“We hope this provides reassurance to the community and we will continue to monitor new data and learn more information about COVID-19 and cystic fibrosis,” Cosgriff added.

Using statistical analyses, the researchers looked for differences between children who were hospitalized from those who were not. Hospitalized children had significantly poorer lung function (as assessed by forced expiratory volume) and significantly lower BMI (a ratio of body weight to height).

Significantly fewer children being treated with CFTR modulators were admitted to the hospital — though the researchers urged caution in interpreting these findings, since children in different countries in the study would have different access to these medications.

“Importantly, these comparisons were performed with caution and are exploratory,” the researchers wrote, adding that there is an “important caveat that some children were likely to have been tested for SARS-CoV-2 in association with a hospital admission for other reasons.”

No deaths in the study were attributed to COVID-19. There was one on-study death, but it was attributed to other health conditions. All but two of the remaining cases have resolved as of the writing of the study.

Collectively, the “findings suggest that SARS-CoV-2 infection in children with CF is usually associated with a mild illness in those who do not have pre-existing severe lung disease,” the researchers concluded.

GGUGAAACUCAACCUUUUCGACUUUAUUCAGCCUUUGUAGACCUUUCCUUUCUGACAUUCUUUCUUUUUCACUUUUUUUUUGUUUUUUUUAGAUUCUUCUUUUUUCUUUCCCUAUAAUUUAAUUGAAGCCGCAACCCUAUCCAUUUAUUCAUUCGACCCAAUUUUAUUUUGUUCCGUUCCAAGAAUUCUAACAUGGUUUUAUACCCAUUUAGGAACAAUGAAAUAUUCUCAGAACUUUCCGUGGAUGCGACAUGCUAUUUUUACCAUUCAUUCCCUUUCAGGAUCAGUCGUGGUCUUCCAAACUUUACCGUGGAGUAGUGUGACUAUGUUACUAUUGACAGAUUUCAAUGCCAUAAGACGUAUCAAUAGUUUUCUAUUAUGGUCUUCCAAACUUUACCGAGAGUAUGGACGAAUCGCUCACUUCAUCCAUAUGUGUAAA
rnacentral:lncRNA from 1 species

“We are highly encouraged by these findings on the impact of COVID-19 in children with CF,” Bruce Marshall, MD, study co-author and chief medical officer of the Cystic Fibrosis Foundation, said in a separate press release.

“However, further studies are needed to fully understand the impacts of this novel disease,” Marshall added. “We continue to urge all people living with CF to continue to take precautions to avoid exposure to COVID-19 and to work directly with their care teams to assess their personal risk during this time.”

Marisa, a science writer, holds an MS in Cellular and Molecular Pathology from the University of Pittsburgh, where she studied novel genetic drivers of ovarian cancer. She specializes in cancer biology, immunology, and genetics. Marisa began working with BioNews in 2018, and has written about science and health for SelfHacked and the Genetics Society of America. She also writes/composes musicals and coaches the University of Pittsburgh fencing club.
Total Posts: 336

Patrícia holds her PhD in Medical Microbiology and Infectious Diseases from the Leiden University Medical Center in Leiden, The Netherlands. She has studied Applied Biology at Universidade do Minho and was a postdoctoral research fellow at Instituto de Medicina Molecular in Lisbon, Portugal. Her work has been focused on molecular genetic traits of infectious agents such as viruses and parasites.

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Marisa, a science writer, holds an MS in Cellular and Molecular Pathology from the University of Pittsburgh, where she studied novel genetic drivers of ovarian cancer. She specializes in cancer biology, immunology, and genetics. Marisa began working with BioNews in 2018, and has written about science and health for SelfHacked and the Genetics Society of America. She also writes/composes musicals and coaches the University of Pittsburgh fencing club.